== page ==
This book is one of the most fascinating analyses of the Soviet family during late socialism. The book agenda is informed by one of the biggest challenges of late socialism as Soviet society revealed a trend towards decreasing fertility rates in its European (“more developed”) regions, such as Russia, Ukraine, and the Baltic states, where they fell below a population reproduction level, while in the Central Asia and Transcaucasia they remained exemplary high. As a result, this study belongs to the class of population management studies with a very clear research agenda: to understand what factors contribute to (a) the diminishing number of children in “European” Soviet families, and (b) a high rate of divorces, which had a negative impact on the psychological well-being of Soviet subjects – also an aspect of modern biopolitics where the well-being of state subjects stands in direct connection with their ability to contribute to the economic growth. Put in the language of the author, he is interested in what causes the “dysfunctions” among modern families (p. 21).

Chapter 1 examines the regional differences in the structure of Soviet family. Quite a standard picture of low fertility rates in the “European” republics of the USSR; Golofast argues that urbanization is the primary factor driving changes in the Soviet family life. «... на нынешнем этапе урбанизации в СССР нарушения режима воспроизводства населения, его брачного и семейного состояния охватывают не только крупные и большие города; они становятся проблемой крупных регионов страны. Тем самым все более необходимо совершенствование демографической и семейной политики, анализ ее принципов и направлений с учетом конкретных особенностей регионального состояния семьи, общественных, семейных и личных потребностей, на удовлетворение которых направлены проводимые мероприятия» (38).

Chapter 2 focuses on the types of families in Leningrad (nuclear family is clearly dominant); chapter 3 looks at the structure of Leningrad families (parents-children-etc, whose property they live on, whether they share it with relatives or not, etc.). Chapter 4 focuses on the horizontal connections between the families (parents vs. married children). Lots of useful statistical data on how common it was for grandparents to help and in what spheres of life.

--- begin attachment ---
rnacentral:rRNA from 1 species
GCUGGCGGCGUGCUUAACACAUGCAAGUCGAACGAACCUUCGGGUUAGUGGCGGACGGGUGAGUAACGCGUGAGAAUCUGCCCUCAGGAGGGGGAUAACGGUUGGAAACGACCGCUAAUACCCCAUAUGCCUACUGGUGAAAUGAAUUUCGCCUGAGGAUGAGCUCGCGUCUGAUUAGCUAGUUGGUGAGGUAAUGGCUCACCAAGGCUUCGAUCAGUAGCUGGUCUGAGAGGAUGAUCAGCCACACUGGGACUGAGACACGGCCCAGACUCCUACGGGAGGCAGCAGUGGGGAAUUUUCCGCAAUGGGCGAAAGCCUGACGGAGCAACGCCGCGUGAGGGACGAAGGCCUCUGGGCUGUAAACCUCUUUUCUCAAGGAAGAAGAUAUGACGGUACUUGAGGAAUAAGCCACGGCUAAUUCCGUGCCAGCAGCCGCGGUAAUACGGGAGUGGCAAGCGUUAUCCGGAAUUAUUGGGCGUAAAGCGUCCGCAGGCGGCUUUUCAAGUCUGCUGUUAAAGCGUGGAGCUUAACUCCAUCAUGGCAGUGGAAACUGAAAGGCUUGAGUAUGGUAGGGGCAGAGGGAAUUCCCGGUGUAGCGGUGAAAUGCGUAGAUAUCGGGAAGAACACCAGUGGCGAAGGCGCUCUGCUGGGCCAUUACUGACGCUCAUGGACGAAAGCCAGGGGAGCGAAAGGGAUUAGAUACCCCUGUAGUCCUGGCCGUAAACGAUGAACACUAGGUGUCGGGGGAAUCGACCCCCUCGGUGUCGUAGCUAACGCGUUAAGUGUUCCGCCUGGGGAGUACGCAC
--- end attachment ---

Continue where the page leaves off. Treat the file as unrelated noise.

Chapter 5 “Family tensions” examines the main negative factors that prevent families from “functioning properly” (in other words, why so many Soviet families failed to conform to the social norms as defined by the authorities). “Состояние семьи привлекает внимание и вызывает тревогу в связи  с рядом социальных проблем развития образа жизни населения крупного города. Снижение рождаемости, постарение населения, высокая доля мигрантов в городах деформируют инфраструктуру города, усугубляют дефицит трудовых ресурсов в ближайшей перспективе» (85). Golofast connects “disorganization of the family and marriage among the urban communities” with alcoholism and other deviant behaviours. Golofast argues that these negative trends are merely a by-product of the transitionary period when the previous family form is transforming into a new, genuinely socialist family form. In thes chapter, Golofast discusses how they used sociological polls to try to understand, what aspects of family life (attitude to children, drinking habits, smoking, personal behavior, bad sex, adultery, kulturnost’, etc.) add emotional burdens on the Soviet family. While the research is interesting by itself, Golofast makes it clear that he is mainly interested in these tension factors not per se, but rather as obstacles preventing people from “reaching happiness” (98). The author is trying to build an argument that many of these tensions are just a temporary phenomenon while Soviet society is working out a new model of family relations. At the same time, this research is prescriptive, and so the study aims to identify and, perhaps, even foresee these trends and, through influencing government policies, help them come into reality rather sooner than later. Golofast is therefore concerned that most of the responsibilities for family management lie with women, which leads to high levels of stress. «Значимым афктором напряженности в семье продолжает оставаться форма отношений между ее членами, ежедневная практика выполнения многообразных семейных функций таким образом, что как наиболее важные из них (ответственые решения, крупные расходы, распределение денег), так и наиболее трудоемкие и хлопотные (повседневные покупки, бытовые дела) концентрируются скорее в руках жены, а не других членов семьи» (105).